I have had a black granite countertop for over 2 years with no problems,
resealing about every 6 months. Today, my wife noticed some white spots,
she thought that something had spilled, and tried to clean it off, with no
success. To me, it looks like the polish has been etched off by some
material that spilled on it, and the white spots are actually the raw
granite with no polish. I have no idea what substance could have done this
to my granite, I hear the usual about oil, vinegar etc, but this is extreme,
and seems way beyond those, this is down to raw granite in no time at all.
I have my suspicions. My wife yesterday was using Dr. Scholl's Freeze Away
wart remover for a wart on my son's foot. She claims that she was super
careful, and was not even in the vicinity of the granite, who knows. This
stuff is gaseous too, so I suspect some may he gotten on the counter
somehow. This stuff is dimethyl ether and propane. Described as:
Dimethyl ether gas is water soluble. It has the formula CH3OCH3. Dimethyl
ether is used as an aerosol spray propellant. And used in conjunction with
propane to create a chemical reaction in which cryogenic freezing is used
for the removal of common warts found on the human body.
Whatever it was, it sure etched the crap out of my granite in a few spots.
See pic at:
How can I fix this and how much should it cost?
"Raw" granite would be the same color as it is when polished, just not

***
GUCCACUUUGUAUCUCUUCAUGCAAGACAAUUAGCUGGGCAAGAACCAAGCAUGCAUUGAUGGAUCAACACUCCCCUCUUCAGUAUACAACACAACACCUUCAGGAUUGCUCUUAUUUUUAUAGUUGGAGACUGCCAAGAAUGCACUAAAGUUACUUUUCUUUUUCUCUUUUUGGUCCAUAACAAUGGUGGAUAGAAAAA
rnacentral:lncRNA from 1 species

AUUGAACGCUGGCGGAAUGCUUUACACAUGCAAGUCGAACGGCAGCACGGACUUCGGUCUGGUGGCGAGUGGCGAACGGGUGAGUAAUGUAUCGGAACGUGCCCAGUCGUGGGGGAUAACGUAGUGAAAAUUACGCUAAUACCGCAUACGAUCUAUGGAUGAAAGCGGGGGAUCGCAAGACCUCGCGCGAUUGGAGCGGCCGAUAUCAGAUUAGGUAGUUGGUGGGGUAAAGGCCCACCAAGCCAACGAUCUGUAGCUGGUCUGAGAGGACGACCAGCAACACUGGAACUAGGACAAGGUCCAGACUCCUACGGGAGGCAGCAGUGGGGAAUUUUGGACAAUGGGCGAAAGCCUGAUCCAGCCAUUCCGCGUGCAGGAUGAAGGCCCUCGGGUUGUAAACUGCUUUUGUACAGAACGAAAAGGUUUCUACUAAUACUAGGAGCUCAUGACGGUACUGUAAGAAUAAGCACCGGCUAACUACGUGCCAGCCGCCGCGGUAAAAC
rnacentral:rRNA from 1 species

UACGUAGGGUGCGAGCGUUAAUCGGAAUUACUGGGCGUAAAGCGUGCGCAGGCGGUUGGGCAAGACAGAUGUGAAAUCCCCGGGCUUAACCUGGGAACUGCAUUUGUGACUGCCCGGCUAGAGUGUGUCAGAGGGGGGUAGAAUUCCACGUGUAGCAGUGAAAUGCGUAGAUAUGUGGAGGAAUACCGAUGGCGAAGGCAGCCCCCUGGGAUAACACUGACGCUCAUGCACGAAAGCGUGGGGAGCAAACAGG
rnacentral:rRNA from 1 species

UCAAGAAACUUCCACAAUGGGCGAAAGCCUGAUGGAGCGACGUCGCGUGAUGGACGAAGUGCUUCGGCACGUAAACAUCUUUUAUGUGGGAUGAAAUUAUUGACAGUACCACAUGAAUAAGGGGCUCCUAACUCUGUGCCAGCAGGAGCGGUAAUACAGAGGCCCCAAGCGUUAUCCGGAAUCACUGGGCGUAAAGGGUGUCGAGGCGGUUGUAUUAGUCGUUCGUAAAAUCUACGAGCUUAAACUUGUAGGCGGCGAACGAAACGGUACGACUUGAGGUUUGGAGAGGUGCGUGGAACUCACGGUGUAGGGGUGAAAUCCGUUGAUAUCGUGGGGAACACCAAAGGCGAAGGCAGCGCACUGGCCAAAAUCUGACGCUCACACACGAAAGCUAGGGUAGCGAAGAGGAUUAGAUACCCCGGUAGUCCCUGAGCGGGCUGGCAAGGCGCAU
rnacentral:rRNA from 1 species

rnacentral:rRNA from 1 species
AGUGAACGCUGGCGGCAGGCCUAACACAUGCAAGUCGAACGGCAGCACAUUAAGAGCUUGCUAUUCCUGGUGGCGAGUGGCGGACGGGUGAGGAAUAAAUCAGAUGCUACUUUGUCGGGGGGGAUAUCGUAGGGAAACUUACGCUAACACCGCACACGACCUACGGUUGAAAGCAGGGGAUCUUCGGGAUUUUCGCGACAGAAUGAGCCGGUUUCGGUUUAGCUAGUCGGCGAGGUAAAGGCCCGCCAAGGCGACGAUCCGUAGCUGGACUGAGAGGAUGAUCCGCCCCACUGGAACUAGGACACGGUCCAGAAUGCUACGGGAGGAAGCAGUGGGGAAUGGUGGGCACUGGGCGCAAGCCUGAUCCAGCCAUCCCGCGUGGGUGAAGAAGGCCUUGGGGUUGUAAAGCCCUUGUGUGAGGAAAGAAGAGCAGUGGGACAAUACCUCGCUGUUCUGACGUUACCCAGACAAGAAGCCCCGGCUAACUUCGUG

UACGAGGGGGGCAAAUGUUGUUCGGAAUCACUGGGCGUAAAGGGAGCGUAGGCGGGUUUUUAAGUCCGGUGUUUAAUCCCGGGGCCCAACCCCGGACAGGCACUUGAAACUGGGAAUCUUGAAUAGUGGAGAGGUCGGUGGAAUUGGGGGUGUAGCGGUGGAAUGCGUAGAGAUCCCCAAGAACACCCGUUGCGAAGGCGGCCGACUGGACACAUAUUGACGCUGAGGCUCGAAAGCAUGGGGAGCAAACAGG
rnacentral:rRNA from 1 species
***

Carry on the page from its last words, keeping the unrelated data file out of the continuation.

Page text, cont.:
I pretty much doubt this had anything to do with it.
Well, either it is a residue from something and it can be scraped off
or it is a chemical change in one or more of the minerals that
To me, it looks like the latter as one can see numerous crystals (look
like feldspar) of unaffected material. Been a long time since I
studied geology but IIRC igneous rocks like granite have their
components held together by the interlocking of the various mineral
crystals; i.e., there is no "cement". Nevertheless, the white portion
looks like it is within a cement.
I have no idea how to fix it, especially without seeing it. Can you
feel a difference in the white areas? If so, I'd try scraping. If
no, I'd probably try a weak acid (I'm *not* advising you do either).
In either case, the affected and surrounding areas will probably have
to be repolished so the best thing you can do is call a fabricator.
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